I recently completed my Ph.D. (thesis, defense presentation) and currently, I am cherishing my beautiful days back in Athens. This is also a laid back time (well.. not so much) to ponder about the last three and half years of investment. The pondering revealed that I learned many things during this period, not only technical but also concerning social and personal aspects. The major source of my learning is my supervisor Prof. Diomidis Spinellis, Prof. Panos Louridas, and colleagues from my lab and university. Here is an attempt to put together what I learned in words, at least some of them.
- Automate experiments
Let us get started with a technical learning. During my initial days of Ph.D., my advisor hard-coded me to automate all the experiments related to a paper. I was not very convinced initially for automating small tasks, but soon I realized that I am repeating the tasks and wasting my time. We are doing research; our experiments will fail and we have to run them multiple times. Hence, creating automation for experiments at the beginning itself will not only pay off the effort in terms of time but also reduce the possibilities of making mistakes. Ideally, our whole experiment related to a paper should work with a single command—it applies to quantitative analysis, obviously. Many times, we need to run the experiment multiple times in different configurations or options; I typically put all the parameters of the program at one place with some basic documentation and make sure nothing else needs to be changed to run it multiple times except the initial parameters.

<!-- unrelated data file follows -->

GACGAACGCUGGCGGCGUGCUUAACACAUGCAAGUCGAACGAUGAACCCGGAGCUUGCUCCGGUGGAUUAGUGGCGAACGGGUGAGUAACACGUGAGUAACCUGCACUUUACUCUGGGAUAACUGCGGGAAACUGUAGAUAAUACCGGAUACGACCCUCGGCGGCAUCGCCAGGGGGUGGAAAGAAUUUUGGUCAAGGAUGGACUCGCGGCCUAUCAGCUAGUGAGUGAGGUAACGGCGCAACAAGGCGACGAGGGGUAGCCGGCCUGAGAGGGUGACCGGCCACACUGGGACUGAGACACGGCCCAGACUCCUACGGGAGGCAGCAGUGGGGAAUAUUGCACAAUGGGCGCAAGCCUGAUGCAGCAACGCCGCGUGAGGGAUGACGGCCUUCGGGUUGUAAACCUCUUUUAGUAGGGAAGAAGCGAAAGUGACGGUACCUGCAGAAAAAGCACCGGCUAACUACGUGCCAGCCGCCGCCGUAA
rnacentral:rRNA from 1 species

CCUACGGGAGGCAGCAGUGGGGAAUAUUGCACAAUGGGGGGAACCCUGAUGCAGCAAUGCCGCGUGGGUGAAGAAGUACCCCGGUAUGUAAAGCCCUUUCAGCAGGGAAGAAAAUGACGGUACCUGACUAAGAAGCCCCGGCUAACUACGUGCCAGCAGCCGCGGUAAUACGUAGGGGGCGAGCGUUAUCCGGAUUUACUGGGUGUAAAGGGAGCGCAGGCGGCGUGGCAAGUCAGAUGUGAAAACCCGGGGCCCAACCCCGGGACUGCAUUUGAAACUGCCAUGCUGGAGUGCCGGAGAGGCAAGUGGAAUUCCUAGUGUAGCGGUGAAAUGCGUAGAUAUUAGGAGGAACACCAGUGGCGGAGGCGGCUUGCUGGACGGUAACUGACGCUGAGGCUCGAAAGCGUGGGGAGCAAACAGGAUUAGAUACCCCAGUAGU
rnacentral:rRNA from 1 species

- Seek impact
I came back to the academic world from the industry with the mindset that my academic work must solve a real problem or at least must help me or the community to achieve the goal. My belief became more profound in these years after interacting with many researchers and practitioners. In ICSE 2016, Prof. Gail Murphy presented an insightful keynote titled Is “Continuous Adoption in Software Engineering Achievable and Desirable?”. Using a case study, she emphasized how a research work can make a broader impact and motivated us to seek for an impact beyond our Ph.D. thesis. This is one of the many occasions I realized the importance of making an impact rather than writing papers for the sake of publications.
- Implications first
Implications are tightly related to impact; in fact, implications are our understanding of the potential impact. I remember when I presented a quantitative analysis to my supervisor and he asked: “so what?”. Later he added that the analysis looks good but if there is no implication of this analysis why we are doing this. It was one of my significant learning; this has changed my perspective and I started asking myself “so what?” more often.
- Failures are part of life
Failures, in terms of paper and grant rejections, are part of academic life. I remember the phase of my Ph.D. in which I faced six continuous paper rejections. My advisor always told me to learn from the mistakes and move on. I believe that we learn more from our rejected papers than the accepted ones.
- Be rigorous and pay attention to details